The NFL goes to London

The NFL announced today that there will be THREE games played in London for next year’s NFL season. Am I the only one who think’s this is a bad idea in a fan’s perspective?

In the NFL’s eyes, I can understand perfectly why they continue to go to London and try to brand the game as much as they can globally but I don’t like it at all. For all of those Jacksonville Jaguars fans out there (if there are any) their team has to sacrifice four ‘home’ games for the next four seasons. For the Jaguars this is probably a good thing because at the way that team is playing I’m sure there will only be 20 people in the stands by year’s end, but it is still not fair that the team has to sacrifice so many home games.

Does the NFL really think that they are going to have a team in London at one point? With modern day travel and the NFL’s one game a week schedule it could essentially happen but it is pretty unrealistic. Next season there will be three games including: Dallas v. Jacksonville, Detroit v. Atlanta and Miami v. Oakland. If I am a season ticket holder for any of these teams, or even a player, I would mad that I do not get to attend the home game and or give up ‘home-field advantage’.

A team like Kansas City and Seattle strive off their ‘home-field advantage’ and they have won games based off the ’12th man’ so if the NFL wants to continue to bring the game to London, I wish they would do it with pre-season games because it’s not fair for one team to play more ‘home’ games than any other teams.

What do you guys think?


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3 Responses to The NFL goes to London

  1. rb10lh says:

    I completely agree with you, the NFL is attempting to brand the league based on the teams that draw the least amount of interest. However taking away other successful teams home games makes no sense to me. It would make more sense to play more games in Toronto because this is an already existing NFL market that they can continue to brand further. It really is changing the game, and I think the NFL needs to stick to America, they already failed once with NFL Europe.

    Marked – SE

  2. chase6464 says:

    Great blog and interesting topic as well. I agree with your points regarding home advantages being a big deal to teams like Jacksonville who lose out as well as marketability factor for the NFL in London. Marketing the NFL to London and fellow European countries can most definitely increase the brand awareness and revenue from international sources, but i feel as though it is also a marketable strategy for us NFL and non NFL fans in North America. When i think of this situation i almost compare it to the Buffalo Bills when they come to Toronto every year. They may only be playing a few hundred kilometers away from their home stadium but the game in itself can create huge hype as “the game in Canada” which can reap several benefits from not only Bills fans, but also other NFL fans as well as the Canadian population. As for the home games, Jacksonville sits in the bottom 5 for attendance per game this season, so i dont see it being that big of a deal. I do also feel that there is no way this deal would get done with a team like Dallas, Washington, New York, etc as they could not afford to lose home games to a new market.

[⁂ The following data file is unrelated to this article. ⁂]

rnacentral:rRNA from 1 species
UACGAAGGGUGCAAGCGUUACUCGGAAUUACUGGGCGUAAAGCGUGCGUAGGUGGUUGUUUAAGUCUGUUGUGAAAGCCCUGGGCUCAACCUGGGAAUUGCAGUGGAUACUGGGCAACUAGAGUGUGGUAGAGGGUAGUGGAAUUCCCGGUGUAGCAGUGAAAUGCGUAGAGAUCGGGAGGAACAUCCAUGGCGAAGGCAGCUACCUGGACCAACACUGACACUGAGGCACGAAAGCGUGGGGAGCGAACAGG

Marked – SE

  3. brendanmccardle says:

    Having studied abroad last semester in Glasgow, Scotland, I had the opportunity to enjoy the Super Bowl there as well (albeit, starting at 12am…). Having this experience, I witnessed firsthand the excitement that the NFL generates overseas, whether it be among locals or the thousands originally from North America. So, to say regular season games played overseas are unfair to the fans of the NFL, the statement is in itself unfair. When in reality, these games are some of the few first hand connections to home that fans living overseas are able to make in a year. What’s fair to some will always be considered unfair to others. You can’t please everyone, but for everyone displeased in North America, there are probably just as many who are pleased in Europe.

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